B.A., University of Florida
M.A., University of Florida
Ph.D., University of Wisconsin-Madison
Psychological and social aspects of mass communication, intra-audience effects.
Professor McDonald’s teaching and research interests are primarily in the area of mediated communication. He teaches undergraduate courses in the history of communication and in industry research methods. His primary research interest is in the behavioral, cognitive and affective aspects of the audience’s experience during mediated communication.
Throughout his career, Professor McDonald has concentrated on social aspects of the audience, including a narrow area of research referred to as intra-audience effects. This has taken him in a number of directions, including the study of how our conceptions of our selves may be partially determined by the media characters we enjoy watching, and the affective nature of many of the gratifications we obtain from the media. He often says that all media use is a social experience, but most recently he has been researching the explicitly social nature of the audience, centering his interest in a blend of interpersonal and mass communication processes.
His recent work has focused on social aspects of our thoughts while using media, including the memories we have that are brought to the surface while watching media content, emotional contagion (in which those other people who affect our experience are other members of the audience), and affective relations with media characters (in which the other people involved are not real, but are a product of our imaginings). He has also been doing some work on the diffusion/use of new TV technologies and media multitasking/simultaneous multiple media use. Click above for a copy of his C.V.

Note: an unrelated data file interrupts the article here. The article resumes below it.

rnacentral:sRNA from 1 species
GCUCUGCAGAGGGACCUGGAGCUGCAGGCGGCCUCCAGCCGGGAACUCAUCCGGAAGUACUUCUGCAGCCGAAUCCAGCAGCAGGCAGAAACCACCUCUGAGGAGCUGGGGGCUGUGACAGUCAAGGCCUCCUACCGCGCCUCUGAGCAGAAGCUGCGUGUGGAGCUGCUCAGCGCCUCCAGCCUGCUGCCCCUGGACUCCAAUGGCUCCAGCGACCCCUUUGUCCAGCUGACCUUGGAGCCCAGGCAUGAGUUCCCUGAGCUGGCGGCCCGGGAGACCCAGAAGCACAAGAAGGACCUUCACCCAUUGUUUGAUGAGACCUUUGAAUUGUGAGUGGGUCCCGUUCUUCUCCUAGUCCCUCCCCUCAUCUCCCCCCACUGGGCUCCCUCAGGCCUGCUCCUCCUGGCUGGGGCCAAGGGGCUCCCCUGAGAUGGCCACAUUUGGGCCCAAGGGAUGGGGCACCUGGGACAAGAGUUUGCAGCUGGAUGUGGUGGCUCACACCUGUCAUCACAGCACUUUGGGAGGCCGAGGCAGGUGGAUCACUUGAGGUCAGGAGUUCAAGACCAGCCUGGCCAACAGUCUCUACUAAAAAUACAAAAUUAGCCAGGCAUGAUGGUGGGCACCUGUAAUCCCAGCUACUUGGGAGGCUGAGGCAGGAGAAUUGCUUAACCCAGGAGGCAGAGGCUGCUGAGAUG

Here's an overview of some of Professor McDonald's current projects:
Loss or Merging of Self. This ongoing project focuses on what happens to our self-concept during media use. Some researchers have suggested that we lose our self in the media world; other studies, though, suggest that we merge our self with these mediated others. It's an important distinction, because in the former, the self disappears from our thoughts; in the latter, our self is highlighted and contrasted with media characters. This project is ongoing and has been conducted with Drs. Mu Hu of West Virginia Wesleyan College, Dr. Shu-Fang Lin of National Chung Cheng Universit in Taiwan, and Melanie Sarge, a recent graduate of our program, now at Texas Tech University. Jim Collier, a current grad student, has also become involved in the project.
Media Use and Rumination. In this project, Dr. McDonald worked with Jingbo Meng (currently a graduate student at USC, but formerly in our program), and Melanie Sarge (a recent graduate of our program) on how what Eric Klinger calls our "current concerns" impact our media experiences. Current concerns are things that are on our minds - they may be positive or negative - but are not directly related to what we're doing. When something reminds us of them in some way, it tends to interfere with the task at hand because it focuses our attention on our concerns. In our study, we examined what happens when TV entertainment programs cover issues that relate to people's current concerns. We relate our research to a number of applied areas where results of persuasion campaigns are not impacting the intended targets in the manner expected. We surmise that this is because the concerns have focused attention away from the persuasive message.
New Communication Technologies. Dr. McDonald recently completed a project with Ben Johnson, a graduate student in our program, focused on the use of time and media technologies in the middle of the economic turbulence of the last decade. Other projects have included appointment viewing of television, coviewing of tv technologies, and use of multiple media and media multitasking.